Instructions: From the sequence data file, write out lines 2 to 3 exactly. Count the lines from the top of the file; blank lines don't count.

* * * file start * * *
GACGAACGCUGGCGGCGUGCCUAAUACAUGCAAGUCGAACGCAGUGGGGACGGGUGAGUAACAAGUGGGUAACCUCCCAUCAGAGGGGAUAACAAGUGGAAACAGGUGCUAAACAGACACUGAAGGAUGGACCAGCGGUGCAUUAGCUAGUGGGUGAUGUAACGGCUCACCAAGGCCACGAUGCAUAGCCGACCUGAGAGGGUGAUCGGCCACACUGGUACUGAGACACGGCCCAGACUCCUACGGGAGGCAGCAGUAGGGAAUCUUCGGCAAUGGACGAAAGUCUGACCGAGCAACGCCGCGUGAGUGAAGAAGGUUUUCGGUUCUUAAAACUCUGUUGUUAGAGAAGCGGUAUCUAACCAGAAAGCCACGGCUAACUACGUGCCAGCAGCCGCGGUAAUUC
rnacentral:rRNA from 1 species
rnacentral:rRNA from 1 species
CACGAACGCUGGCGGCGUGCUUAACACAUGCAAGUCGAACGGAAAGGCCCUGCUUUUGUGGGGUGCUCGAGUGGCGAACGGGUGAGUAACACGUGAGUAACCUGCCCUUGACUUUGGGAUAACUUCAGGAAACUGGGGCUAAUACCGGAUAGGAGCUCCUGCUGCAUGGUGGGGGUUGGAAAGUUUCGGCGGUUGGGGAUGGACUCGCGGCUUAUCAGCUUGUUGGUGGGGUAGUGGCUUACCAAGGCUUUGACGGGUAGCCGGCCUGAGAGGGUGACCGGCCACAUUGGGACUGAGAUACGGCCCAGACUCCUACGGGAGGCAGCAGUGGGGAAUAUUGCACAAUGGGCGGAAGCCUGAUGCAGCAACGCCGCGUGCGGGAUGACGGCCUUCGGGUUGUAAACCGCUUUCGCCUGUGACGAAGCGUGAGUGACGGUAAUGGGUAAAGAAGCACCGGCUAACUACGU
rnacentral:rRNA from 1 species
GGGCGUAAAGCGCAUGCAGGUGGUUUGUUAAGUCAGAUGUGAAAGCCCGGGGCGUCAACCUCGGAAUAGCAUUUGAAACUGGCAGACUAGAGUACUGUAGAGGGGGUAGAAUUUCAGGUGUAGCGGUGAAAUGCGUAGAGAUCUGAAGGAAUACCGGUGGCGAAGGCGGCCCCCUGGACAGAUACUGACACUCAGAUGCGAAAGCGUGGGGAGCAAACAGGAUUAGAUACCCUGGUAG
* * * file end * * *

rnacentral:rRNA from 1 species
rnacentral:rRNA from 1 species